. . . Let us take nothing away from Plato, Idealism, Cosmology . . . wheresoever philosophical discourse transpire, occur or take its course in the affairs of man throughout the history of thought there, to a greater or lesser extent, emerges the indurate principles of politics, justice, virtue and truth—the tenor of hitherto philosophical inquiry beseeks (or challenges) objective knowledge as personified in Plato versus the Sophists, thus the archaic “What’s out there?”

If in a sense the Sophists had been somewhat modest in abstaining from assenting universally binding knowledge, by remaining rhetoricians of skepticism: Plato (427-347) the founder of the Academy constructed a prominently faithful system aimed at Truth.

Plato’s ethical theory revolves around the question, “What is the good life?” This is in accordance with the Socratic philosophy ‘Virtue is Knowledge’ that is, to know the good is to do the good. For Plato, the highest and happiest kind of living is best exemplified through the use of reason. He maintains that knowledge provides the individual with the fundamental precept upon which his passion and appetite must conform. Such harmony of the three distinct faculties of man namely reason, passion and appetite equates to the Platonic conception of justice.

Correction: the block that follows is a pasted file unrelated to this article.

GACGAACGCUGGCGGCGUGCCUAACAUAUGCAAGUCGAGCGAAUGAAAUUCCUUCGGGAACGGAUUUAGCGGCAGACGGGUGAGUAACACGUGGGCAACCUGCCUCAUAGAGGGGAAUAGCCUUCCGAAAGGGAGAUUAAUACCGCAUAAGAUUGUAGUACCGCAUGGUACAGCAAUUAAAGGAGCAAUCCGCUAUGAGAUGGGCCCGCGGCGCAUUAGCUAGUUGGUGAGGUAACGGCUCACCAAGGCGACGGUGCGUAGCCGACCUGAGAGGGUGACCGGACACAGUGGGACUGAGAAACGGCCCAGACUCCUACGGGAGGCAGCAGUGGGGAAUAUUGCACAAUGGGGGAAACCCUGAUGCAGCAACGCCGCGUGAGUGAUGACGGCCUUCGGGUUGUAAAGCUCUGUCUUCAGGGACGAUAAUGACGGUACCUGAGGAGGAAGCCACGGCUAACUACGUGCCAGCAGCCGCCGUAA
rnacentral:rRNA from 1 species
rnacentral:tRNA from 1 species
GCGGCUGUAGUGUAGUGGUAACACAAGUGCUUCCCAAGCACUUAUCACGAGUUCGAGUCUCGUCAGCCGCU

The ideal system of Plato’s ethical theory is buttressed by two essential pillars: the doctrine of teleology and the theory of the Forms. The doctrine of teleology states that everything in the universe is pre-determined and has in them an inherent purpose. On the other hand, the theory of the Forms constitutes the total-aggregate of each and all the concepts and ideas as manifested in the material world. Each is the relentless corroborate of the other. Simply put, the core of Plato’s philosophical thought clearly illustrates the poignant picture of idealistic credo.

It may have been one well-crafted a portrait Plato’s narrative, a protruding schematization stabilized by the vibrant and elaborate colors of his idealistic panorama of the world —a Mona Lisa of ingenious ideas. Yet on the opposite side of the gallery, there, in a streak of dancing lights, arises another brand of creative thinkers: the Sophists. If Plato’s masterpiece echoes the idea of justice as absolute and immutable, impressing upon the individual a pre-formulated concoction from which each of them must not stray, the Sophists, on the other hand, offers the antipode, emphasizing the function of man as a barometer for his own self. Justice, according to the Sophists, is relative to the individual’s caprice. The Sophists deny the existence of justice in the absolute; their narrative may be gleaned in the words of the Sophist Protagoras (ca. 490-420) that ‘Man is the measure of all things’.  Continue reading “On Plato’s Ethical Theory”